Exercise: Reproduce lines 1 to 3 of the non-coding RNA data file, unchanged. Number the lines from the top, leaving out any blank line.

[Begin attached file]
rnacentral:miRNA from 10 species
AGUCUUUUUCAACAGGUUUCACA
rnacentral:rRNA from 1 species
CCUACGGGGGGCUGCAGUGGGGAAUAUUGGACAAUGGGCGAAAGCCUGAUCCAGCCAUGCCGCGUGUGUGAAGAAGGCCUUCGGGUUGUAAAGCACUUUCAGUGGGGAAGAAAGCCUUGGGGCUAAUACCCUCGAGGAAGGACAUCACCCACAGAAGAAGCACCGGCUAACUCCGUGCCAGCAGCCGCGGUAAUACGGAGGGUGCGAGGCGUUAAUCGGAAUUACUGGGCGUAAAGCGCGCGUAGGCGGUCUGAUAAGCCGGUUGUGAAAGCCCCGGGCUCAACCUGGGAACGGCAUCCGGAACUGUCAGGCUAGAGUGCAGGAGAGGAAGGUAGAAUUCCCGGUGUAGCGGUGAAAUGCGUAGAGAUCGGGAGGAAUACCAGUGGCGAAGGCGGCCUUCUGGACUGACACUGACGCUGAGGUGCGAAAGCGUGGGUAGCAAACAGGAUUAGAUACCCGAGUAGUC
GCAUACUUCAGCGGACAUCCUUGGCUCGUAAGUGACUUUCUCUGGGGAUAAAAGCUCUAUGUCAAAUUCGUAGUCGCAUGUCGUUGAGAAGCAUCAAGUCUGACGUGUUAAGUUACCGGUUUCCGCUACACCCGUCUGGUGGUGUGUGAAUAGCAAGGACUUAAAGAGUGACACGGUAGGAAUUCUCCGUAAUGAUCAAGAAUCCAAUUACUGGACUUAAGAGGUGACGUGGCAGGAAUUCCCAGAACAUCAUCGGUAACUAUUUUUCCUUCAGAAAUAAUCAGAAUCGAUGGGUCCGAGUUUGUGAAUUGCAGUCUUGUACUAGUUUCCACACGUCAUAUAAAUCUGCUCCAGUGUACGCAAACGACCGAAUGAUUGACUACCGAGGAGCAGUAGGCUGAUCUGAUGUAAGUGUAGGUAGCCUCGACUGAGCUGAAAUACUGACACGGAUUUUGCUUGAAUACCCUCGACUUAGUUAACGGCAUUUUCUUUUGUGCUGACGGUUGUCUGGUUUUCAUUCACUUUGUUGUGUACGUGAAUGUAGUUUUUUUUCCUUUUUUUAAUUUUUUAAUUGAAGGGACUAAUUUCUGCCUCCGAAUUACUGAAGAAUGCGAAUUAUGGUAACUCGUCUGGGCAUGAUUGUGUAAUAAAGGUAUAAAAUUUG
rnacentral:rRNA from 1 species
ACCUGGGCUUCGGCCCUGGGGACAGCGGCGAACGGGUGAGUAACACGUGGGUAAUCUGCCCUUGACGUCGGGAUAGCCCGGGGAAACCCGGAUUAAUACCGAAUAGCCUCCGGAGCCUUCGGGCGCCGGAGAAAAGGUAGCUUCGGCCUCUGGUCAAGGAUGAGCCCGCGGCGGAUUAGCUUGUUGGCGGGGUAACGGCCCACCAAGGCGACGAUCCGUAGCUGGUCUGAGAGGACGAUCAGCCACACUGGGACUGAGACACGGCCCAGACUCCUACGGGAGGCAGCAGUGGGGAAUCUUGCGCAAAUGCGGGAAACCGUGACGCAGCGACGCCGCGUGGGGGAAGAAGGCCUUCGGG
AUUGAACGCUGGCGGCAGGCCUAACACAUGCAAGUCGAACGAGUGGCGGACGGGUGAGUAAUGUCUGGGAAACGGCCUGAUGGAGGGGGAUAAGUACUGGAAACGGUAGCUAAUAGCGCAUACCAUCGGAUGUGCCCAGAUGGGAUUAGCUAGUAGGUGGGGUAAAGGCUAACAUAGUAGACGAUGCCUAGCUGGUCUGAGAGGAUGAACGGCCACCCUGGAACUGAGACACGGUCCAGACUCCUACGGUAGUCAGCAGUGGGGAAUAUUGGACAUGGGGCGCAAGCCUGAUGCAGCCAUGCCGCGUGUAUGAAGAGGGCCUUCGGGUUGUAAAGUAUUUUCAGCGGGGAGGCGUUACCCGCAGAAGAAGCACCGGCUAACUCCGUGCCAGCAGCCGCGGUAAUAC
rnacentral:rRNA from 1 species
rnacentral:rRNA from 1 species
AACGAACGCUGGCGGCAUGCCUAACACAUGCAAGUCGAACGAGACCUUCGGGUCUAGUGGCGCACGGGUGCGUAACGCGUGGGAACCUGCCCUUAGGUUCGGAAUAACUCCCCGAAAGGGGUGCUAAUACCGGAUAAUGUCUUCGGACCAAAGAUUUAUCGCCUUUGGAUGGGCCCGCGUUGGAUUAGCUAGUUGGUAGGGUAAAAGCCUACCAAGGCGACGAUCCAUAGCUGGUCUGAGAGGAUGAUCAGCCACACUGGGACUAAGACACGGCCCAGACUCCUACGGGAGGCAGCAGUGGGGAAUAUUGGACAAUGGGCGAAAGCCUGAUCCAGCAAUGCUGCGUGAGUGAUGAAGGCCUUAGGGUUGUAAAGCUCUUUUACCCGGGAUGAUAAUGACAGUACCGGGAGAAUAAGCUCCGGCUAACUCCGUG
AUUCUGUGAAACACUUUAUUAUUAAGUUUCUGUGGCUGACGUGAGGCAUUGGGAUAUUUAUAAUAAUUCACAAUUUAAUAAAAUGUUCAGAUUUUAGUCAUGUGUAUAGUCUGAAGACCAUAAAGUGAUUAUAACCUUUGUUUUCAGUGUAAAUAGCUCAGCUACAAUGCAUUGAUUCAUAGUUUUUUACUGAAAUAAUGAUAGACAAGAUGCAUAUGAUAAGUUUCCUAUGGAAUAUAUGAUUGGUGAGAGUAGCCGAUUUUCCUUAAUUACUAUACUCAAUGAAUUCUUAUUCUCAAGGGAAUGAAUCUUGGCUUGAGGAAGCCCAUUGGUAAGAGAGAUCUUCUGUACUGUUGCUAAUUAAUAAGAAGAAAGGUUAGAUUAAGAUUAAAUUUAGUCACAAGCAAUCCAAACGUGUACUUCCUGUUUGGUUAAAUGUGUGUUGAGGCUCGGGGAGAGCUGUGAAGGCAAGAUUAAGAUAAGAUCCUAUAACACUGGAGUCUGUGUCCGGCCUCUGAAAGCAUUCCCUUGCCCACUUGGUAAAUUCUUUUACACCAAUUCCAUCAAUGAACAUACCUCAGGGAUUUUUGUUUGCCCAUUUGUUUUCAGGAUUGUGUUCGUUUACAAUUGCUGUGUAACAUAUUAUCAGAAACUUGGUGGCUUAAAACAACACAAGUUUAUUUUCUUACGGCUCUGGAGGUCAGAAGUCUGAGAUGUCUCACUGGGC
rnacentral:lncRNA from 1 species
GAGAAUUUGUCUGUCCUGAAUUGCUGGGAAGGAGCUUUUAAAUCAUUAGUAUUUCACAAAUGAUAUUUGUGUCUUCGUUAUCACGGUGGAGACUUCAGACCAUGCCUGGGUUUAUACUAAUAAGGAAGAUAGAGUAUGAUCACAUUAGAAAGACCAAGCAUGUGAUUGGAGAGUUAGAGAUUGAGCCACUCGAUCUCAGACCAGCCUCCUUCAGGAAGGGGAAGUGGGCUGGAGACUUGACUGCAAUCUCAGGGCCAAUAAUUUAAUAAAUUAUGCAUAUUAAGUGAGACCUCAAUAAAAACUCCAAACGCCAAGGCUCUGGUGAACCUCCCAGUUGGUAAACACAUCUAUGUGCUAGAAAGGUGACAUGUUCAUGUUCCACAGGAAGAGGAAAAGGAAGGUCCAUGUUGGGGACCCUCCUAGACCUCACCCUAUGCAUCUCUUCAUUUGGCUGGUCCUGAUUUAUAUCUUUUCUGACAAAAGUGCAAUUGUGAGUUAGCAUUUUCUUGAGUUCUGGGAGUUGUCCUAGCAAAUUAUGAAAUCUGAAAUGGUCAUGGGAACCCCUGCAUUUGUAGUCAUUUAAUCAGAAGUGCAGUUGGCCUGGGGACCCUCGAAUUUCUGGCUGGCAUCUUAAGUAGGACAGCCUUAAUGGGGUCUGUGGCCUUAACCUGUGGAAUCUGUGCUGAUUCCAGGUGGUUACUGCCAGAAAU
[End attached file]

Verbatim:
rnacentral:miRNA from 10 species
AGUCUUUUUCAACAGGUUUCACA
rnacentral:rRNA from 1 species